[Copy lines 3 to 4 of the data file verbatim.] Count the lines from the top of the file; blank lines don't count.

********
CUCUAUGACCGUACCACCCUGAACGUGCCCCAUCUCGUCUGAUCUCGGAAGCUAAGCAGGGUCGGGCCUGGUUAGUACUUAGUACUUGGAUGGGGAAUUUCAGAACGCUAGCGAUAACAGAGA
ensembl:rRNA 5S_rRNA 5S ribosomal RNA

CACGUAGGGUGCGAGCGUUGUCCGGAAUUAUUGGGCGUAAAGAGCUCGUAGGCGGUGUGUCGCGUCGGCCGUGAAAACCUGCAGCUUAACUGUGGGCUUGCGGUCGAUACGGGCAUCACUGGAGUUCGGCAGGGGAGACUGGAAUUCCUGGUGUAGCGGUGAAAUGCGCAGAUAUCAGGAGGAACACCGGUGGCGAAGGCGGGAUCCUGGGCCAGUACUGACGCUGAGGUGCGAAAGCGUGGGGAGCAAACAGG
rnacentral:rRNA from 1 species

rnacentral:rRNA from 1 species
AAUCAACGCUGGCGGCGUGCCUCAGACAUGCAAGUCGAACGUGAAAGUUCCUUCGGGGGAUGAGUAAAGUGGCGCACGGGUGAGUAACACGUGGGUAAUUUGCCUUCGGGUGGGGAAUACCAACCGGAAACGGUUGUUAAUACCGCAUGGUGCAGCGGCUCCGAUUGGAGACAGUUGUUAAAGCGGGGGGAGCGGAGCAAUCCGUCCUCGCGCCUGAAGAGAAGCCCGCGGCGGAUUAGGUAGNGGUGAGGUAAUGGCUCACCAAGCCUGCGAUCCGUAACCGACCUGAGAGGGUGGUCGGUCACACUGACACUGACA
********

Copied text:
CACGUAGGGUGCGAGCGUUGUCCGGAAUUAUUGGGCGUAAAGAGCUCGUAGGCGGUGUGUCGCGUCGGCCGUGAAAACCUGCAGCUUAACUGUGGGCUUGCGGUCGAUACGGGCAUCACUGGAGUUCGGCAGGGGAGACUGGAAUUCCUGGUGUAGCGGUGAAAUGCGCAGAUAUCAGGAGGAACACCGGUGGCGAAGGCGGGAUCCUGGGCCAGUACUGACGCUGAGGUGCGAAAGCGUGGGGAGCAAACAGG
rnacentral:rRNA from 1 species